I’m suggesting a type of counterpart fund where the government and the masters each contribute a portion of the startup cash. In this way, the government and the masters share the responsibility for placing a graduated apprentice.
The goal is for the two to work together to create a roadmap for an Igbo youth to become self-sufficient, not necessarily for the government to send a belligerent apprentice or his ‘Oga’ to jail for default. It is one methodical approach to empowering and inspiring the current and future generations to follow this respectable process to a meaningful life and a gloriously assured future.
Many believe that bringing government into it will spoil an effective system. But the Igbo Apprenticeship system (‘Igba Boi’) needs to be saved because it is already dying. Additionally, the government is already supporting youth-founded enterprises as a method of empowerment. Therefore, it is suggested that the government include ‘Igba Boi’ in its empowerment programmes.
To ensure that the institutionalisation of ‘Igba Boi’ does not go beyond providing regulations that will deal with the contractual obligations of all parties, it has to ensure that the mechanism for ensuring compliance is in place, avoid or reduce the usual contamination by government, provide part of the startup capital, and keep government involvement to a minimum.
‘Igba Boi’ has been diminished in the modern day, and the damage comes from both parties – the Oga and the Boi, and this has primarily caused its steady decline. The system first became most noticeable in Anambra state before spreading to Enugu and Ebonyi. Many may be unaware that the incredible wealth seen in the state of Anambra can be linked to the Igbo apprenticeship system. Most Igbo millionaires and billionaires of Anambra origin were once someone’s apprentice (‘Boi’). However, for the previously mentioned reason, young ones are no longer as drawn to it as they once were.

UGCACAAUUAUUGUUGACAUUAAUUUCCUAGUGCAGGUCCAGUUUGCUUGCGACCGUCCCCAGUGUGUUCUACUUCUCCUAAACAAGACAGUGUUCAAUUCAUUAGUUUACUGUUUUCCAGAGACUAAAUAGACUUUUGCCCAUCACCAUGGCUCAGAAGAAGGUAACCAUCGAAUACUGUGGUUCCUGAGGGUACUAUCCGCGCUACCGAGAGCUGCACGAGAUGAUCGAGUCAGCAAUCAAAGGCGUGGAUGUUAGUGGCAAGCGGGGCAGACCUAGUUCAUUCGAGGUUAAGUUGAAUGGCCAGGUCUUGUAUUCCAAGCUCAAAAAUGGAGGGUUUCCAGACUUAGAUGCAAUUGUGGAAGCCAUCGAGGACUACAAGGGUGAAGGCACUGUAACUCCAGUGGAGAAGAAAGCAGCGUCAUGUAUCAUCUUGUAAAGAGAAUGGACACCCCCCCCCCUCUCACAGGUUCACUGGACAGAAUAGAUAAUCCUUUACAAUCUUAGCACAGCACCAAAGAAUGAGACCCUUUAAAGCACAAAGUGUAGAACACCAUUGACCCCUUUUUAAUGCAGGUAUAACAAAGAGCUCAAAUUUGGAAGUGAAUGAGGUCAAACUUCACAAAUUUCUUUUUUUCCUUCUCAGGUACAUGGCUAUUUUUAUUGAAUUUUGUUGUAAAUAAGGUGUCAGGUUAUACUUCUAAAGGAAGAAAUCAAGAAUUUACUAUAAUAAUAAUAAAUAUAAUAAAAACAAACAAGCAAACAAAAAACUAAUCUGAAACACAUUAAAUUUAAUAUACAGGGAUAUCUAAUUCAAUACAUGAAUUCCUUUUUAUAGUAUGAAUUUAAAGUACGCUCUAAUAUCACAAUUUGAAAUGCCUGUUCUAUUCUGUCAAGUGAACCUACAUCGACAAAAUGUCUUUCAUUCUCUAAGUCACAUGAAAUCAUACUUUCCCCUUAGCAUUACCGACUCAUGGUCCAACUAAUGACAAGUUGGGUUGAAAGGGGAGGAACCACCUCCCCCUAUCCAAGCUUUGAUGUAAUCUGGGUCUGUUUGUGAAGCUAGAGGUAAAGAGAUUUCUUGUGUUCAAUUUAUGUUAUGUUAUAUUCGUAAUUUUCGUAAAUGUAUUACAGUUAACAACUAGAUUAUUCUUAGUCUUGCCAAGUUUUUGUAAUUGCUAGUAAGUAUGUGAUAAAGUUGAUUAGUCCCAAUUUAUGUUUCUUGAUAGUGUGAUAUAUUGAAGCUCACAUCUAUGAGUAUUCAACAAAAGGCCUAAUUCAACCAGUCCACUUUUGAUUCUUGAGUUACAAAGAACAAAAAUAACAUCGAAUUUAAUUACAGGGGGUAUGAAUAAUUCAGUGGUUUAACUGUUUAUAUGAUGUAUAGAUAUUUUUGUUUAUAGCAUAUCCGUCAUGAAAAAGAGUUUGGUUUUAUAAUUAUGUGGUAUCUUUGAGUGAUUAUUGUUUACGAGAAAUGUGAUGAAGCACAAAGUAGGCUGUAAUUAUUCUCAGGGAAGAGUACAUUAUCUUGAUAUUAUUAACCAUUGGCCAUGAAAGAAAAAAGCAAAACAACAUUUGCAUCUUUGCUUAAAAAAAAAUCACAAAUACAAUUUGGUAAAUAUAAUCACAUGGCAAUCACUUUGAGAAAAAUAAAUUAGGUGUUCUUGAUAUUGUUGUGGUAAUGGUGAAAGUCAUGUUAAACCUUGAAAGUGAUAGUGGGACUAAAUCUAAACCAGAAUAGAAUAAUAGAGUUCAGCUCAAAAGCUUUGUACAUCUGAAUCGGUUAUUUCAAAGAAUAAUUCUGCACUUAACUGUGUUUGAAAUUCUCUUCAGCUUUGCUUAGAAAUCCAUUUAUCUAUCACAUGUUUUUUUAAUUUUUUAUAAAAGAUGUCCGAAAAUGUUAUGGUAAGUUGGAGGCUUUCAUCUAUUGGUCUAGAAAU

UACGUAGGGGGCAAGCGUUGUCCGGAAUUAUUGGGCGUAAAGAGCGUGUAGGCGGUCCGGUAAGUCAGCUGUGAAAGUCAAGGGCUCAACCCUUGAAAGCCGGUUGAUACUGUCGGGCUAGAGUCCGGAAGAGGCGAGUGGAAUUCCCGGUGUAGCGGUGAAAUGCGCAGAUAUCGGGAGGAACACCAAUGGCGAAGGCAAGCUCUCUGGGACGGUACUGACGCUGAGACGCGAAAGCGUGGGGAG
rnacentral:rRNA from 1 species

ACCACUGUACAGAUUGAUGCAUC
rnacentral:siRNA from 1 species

Along with raising the initial capital for the graduating apprentices, government counterpart funding will also act as an incentive for the Igbo youth who would have something to look forward to at graduation if they join the scheme. Like the scholarships provided by numerous state governments, which have helped to keep many students enrolled and stay in school.
Such creative ideas have to be deployed to save the lovely master wealth planter, ‘Igba Boi’ (Igbo apprenticeship) from dying altogether.
· Dr. Law Mefor, an Abuja-based forensic and social psychologist, is a fellow of The Abuja School of Social and Political Thoughts; firstname.lastname@example.org; Twitter: @Drlawsonmefor.